Obstetrician and gynecological surgeon Barbara Goff used to subscribe to the conventional medical wisdom that there are few early symptoms of ovarian cancer. But she changed her mind a few years ago, after a meeting with ovarian cancer survivors who told her they'd all had early symptoms of the disease. They urged her to follow up on their experiences, and she recalls thinking, "Wow, you know, maybe there's something here, in this symptom thing!"
Goff emphasizes the importance of finding ovarian cancer as soon as possible. "The cure rates for women with early-stage disease are 70 to 90 percent, where for most women who present to late-stage disease, the cure rates are only 10 to 30 percent, at best."
Barbara Goff has now completed her third study, surveying thousands of women in the process. She and her research team have been able to identify six symptoms that seem to be strong indicators of early stage ovarian cancer: pelvic or abdominal pain, abdominal bloating or increased abdominal size and difficulty eating and feeling full quickly. "When… any of those symptoms occurred with a frequency of at least 12 times per month and they had been present for less than a year," Goff explains, "these symptoms were actually predictive of women who had cancer."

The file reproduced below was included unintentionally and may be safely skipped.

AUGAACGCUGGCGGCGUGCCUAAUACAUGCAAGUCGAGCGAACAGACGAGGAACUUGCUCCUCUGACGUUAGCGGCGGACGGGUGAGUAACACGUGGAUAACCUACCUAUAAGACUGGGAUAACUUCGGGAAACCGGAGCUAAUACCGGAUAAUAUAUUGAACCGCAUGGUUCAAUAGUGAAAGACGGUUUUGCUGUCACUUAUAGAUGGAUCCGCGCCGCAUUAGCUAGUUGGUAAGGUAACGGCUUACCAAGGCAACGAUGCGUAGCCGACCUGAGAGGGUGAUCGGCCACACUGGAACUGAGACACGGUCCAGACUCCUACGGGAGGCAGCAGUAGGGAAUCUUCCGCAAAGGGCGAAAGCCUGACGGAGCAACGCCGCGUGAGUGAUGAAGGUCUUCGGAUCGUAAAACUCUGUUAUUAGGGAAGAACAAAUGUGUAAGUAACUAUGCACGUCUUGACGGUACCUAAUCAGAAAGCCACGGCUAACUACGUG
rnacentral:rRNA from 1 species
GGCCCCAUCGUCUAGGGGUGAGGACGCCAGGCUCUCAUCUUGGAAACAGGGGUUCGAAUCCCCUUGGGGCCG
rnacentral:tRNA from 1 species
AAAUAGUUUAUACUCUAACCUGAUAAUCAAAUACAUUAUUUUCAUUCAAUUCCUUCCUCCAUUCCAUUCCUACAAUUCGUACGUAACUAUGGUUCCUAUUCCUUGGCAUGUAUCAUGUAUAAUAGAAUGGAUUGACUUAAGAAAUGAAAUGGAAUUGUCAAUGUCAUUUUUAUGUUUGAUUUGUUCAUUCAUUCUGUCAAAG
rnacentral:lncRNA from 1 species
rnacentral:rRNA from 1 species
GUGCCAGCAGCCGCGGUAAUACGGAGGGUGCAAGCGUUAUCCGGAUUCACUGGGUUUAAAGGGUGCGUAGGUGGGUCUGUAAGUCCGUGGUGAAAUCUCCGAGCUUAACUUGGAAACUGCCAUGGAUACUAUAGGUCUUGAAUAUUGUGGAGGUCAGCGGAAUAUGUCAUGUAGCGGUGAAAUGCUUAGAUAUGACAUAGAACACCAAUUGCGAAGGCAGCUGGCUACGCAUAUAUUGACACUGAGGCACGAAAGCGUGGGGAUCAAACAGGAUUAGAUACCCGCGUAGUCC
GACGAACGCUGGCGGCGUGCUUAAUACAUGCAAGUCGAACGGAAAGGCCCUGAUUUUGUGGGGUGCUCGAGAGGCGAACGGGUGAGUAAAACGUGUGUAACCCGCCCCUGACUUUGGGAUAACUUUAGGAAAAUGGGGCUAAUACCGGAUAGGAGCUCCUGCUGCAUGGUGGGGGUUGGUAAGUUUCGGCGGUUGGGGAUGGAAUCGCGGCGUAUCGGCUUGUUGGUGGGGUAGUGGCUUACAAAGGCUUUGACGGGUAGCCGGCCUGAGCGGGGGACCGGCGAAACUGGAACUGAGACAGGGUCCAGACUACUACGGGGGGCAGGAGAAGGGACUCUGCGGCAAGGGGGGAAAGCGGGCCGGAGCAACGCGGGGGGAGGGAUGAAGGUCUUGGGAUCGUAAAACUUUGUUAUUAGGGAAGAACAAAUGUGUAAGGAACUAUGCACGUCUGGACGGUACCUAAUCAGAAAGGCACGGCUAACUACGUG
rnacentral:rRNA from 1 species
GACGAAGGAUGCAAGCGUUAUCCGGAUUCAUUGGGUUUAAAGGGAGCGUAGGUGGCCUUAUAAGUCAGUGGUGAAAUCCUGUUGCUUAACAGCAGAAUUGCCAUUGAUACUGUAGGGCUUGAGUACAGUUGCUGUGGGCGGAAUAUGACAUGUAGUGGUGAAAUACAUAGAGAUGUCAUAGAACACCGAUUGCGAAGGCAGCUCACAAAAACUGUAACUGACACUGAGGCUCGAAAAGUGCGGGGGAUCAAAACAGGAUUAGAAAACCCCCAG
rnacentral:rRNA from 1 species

Ovarian cancer causes more deaths than any other gynecological cancer. And currently there's only one blood test that can indicate its presence at an early stage. Goff says that using her symptom index is just as predictive as the blood test in detecting the disease. And more importantly, she adds, it's less expensive. "It doesn't cost anything to ask somebody about what symptoms they've had," she points out, "unlike a blood test or an ultrasound or a radiographic study. That costs money and sometimes those studies are uncomfortable, sometimes they can carry some risk associated with them. But this is no risk and really almost no cost, which is what's great about it."
Barbara Goff says the next step is to have primary care doctors use her symptom index in regular practice to confirm its accuracy. The research appears in the current on-line issue of the journal Cancer.